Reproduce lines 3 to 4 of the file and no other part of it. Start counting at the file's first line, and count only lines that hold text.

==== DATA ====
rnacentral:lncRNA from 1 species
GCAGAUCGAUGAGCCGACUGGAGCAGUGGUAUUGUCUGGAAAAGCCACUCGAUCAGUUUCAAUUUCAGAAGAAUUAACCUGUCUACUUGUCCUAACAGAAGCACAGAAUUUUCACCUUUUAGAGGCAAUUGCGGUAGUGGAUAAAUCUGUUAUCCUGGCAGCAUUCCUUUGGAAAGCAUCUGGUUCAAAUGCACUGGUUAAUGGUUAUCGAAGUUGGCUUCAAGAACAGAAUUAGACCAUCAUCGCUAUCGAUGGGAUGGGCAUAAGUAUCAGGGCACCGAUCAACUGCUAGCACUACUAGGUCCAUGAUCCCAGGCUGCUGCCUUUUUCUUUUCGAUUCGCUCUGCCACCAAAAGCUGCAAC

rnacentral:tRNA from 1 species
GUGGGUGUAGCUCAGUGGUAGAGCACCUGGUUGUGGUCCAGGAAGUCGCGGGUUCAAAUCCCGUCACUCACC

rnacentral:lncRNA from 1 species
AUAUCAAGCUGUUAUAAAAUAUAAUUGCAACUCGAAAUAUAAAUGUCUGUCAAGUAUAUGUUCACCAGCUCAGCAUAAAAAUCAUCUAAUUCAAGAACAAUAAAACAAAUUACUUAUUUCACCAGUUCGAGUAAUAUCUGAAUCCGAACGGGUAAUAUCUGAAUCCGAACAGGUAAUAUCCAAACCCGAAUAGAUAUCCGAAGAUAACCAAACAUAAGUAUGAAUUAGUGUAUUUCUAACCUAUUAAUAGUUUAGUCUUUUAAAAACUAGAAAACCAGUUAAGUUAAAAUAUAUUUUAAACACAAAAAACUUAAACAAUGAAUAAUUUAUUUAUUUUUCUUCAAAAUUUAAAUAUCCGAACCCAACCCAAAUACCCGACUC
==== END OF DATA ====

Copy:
rnacentral:tRNA from 1 species
GUGGGUGUAGCUCAGUGGUAGAGCACCUGGUUGUGGUCCAGGAAGUCGCGGGUUCAAAUCCCGUCACUCACC